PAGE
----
Saturday, April 5, 2014

Elizabeth Taylor: A Life in Pictures

Elizabeth Taylor, studio publicity photo circa 1942, public domain.

When I was a child I first saw Elizabeth Taylor (1932-2011) in Cleopatra (1963). In my eyes, she was every bit a queen. By that time, she had starred in 33 films with some of Hollywood's biggest stars, such as Montgomery Clift; Dana Andrews; Peter Finch; Rock Hudson; Richard Burton, and James Dean. She is considered one of the last stars to come from the old Hollywood system, moving smoothly into a new era in film-making. Taylor had a difficult, painful life, but there is no denying, she lived life to the fullest. 

Elizabeth Taylor, publicity photo, 1945, public domain.

By 1945, Taylor was a star, proving her status in such great childrens' films as Lassie Come Home and National Velvet

In 1950, Taylor starred in the original Father of the Bride with Spencer Tracy. Trailer screenshot, public domain.

Elizabeth Taylor and Rock Hudson, publicity photo from Giant, a grand production and epic film released in 1956, also starring James Dean. 

In 1957, Taylor posed for this intimate portrait with her third husband, Michael Todd, and Elizabeth Francis (Liza) Todd. One year later, Todd was flying near Grants, New Mexico when his overloaded plane crashed and all four passengers on board were killed. Taylor was devastated. Photo from the US Library of Congress Photographs and Prints Division.

Publicity poster from Cat on a Hot Tin Roof (1958). Public domain.

Elizabeth Taylor, Metro Goldwyn Mayer Publicity Photo, 1958, public domain. Yes, her eyes were naturally violet, and in my opinion, her most stunning feature. 

Elizabeth Taylor in Cleopatra (1963). Trailer screenshot. 

The Cleopatra we see today is actually missing two hours. It was originally filmed as two-three hour films, but the producers cut it down to one four hour film. Considering inflation, Cleopatra is still one of the most expensive films ever made. It was originally $44 million. In contemporary dollars (if my math is correct) this would be over $300 million. Taylor's costumes cost $194,800 and one dress was 24-carat gold. Cleopatra was also considered Hollywood's greatest financial flop of all time. Although it was one of the highest grossing films of all time the expenses were overwhelming. Following a series of arguments, setbacks, and even a lawsuit brought by Taylor and her then husband Richard Burton against 20th Century Fox, Taylor's ultimate salary for this film was $7 million.  

Elizabeth Taylor and Richard Burton, trailer screenshot for The Sandpiper (1965).

The Many Loves of Elizabeth Taylor

Elizabeth Taylor was married eight times, twice to Richard Burton. She was first married to Conrad Hilton, Jr., of the Hilton Hotel family from May 6, 1950 until their divorce a year later in February 1, 1951. She then married actor and producer Michael Wilding on February 21, 1952. They had two children and divorced on January 30, 1957. On February 2, 1957, Taylor married businessman Michael Todd and they had a daughter, Liza. Todd died in a plane crash on March 22, 1958.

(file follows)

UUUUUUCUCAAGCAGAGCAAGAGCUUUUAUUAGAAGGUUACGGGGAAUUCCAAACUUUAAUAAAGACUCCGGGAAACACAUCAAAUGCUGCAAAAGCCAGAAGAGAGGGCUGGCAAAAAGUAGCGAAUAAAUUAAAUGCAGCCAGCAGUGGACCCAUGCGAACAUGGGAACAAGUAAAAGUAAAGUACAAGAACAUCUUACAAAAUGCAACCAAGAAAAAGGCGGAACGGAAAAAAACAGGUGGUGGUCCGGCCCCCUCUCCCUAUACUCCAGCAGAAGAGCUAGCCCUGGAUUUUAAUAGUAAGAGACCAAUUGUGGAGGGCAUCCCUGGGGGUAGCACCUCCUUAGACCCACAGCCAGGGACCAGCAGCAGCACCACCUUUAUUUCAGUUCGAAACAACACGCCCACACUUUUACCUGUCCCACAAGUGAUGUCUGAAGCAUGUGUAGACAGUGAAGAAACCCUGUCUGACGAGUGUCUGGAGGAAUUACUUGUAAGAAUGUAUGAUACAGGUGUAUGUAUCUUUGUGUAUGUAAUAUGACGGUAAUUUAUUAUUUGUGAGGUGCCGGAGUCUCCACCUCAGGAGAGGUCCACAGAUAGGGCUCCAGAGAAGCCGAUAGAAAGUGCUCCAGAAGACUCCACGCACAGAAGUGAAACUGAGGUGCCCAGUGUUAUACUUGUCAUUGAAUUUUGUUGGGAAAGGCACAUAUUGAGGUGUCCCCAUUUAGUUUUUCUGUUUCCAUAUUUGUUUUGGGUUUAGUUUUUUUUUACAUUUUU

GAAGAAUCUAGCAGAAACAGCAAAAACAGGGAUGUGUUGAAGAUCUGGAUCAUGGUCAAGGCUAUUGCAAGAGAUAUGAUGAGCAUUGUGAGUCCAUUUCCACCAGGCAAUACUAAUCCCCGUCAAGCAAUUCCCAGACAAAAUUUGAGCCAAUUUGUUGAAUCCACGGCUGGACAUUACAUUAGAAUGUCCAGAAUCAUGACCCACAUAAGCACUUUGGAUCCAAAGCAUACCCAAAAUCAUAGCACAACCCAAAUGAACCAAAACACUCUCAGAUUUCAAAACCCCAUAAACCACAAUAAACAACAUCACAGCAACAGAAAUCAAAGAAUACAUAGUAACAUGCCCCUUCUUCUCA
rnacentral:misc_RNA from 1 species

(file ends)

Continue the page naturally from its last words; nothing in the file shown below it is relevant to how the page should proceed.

In 1959 Taylor stole singer and actor Eddie Fisher from Debbie Reynolds and their two children, Carrie and Todd Fisher, in a scandalous affair. Taylor and Fisher were married on May 12, 1959 and she began an affair with Richard Burton soon after, but Burton was unable to divorce his first wife. Taylor and Fisher finally divorced on March 6, 1964, and Elizabeth Taylor and Richard Burton started their infamous public relationship when they married a week later on March 15, 1964. They had one child together--Kate--before divorcing on June 26, 1974 then remarried on October 10, 1975 and divorced again a year later on August 1, 1976. It is speculated that they would have married again, but I find this doubtful as he married twice more to two different women before he died in 1984. 

Taylor then married John Warner, a government official with the Nixon administration. They married on December 4, 1976 and divorced on November 7, 1982. On October 6, 1991, Taylor, true to form, shocked the world by marrying Larry Fortensky, a construction worker who she met during addiction rehabilitation. They were divorced on October 31, 1996.   

Richard Burton, Lucille Ball and Elizabeth Taylor in a screenshot from Here's Lucy (1974).

Elizabeth Taylor in a USO show in 1986. Photo taken by a military employee, public domain.

Elizabeth Taylor in 1960. Publicity photo, public domain. May the queen finally rest in peace.


  1. The Great Late Liz-She was one of the most beautiful women ever. I remember seeing her picture in Life magazine and it said "shortly before turning 17..." I was astounded that she was only 16 and she looked gorgeous. She really loved life and she always stood up for the underdog

    1. I think that's why I was so obsessed with her as a child--when my modeling agent first saw me she said, "Oh my goodness you look just like a young Liz Taylor!" Of course she said that to every child who came into the agency, but after that I read everything I could on Elizabeth Taylor and watched all of her films. When I found out what she did with Eddie Fisher and Richard Burton I didn't like her quite as much after that--yes, I was a judgmental child--but her acting talent was amazing!

  2. Amazing lives those stars lived. Maybe they still do - maybe it's just Hollywood.

    Nice post :)

    Blogging from Alpha to Zulu in April

    1. Goodness, yes, and I just brushed over the gossip with this post! I first read her biography when I was a teenager, but I want to write a post on her, too. It would probably have to be a two-part post!


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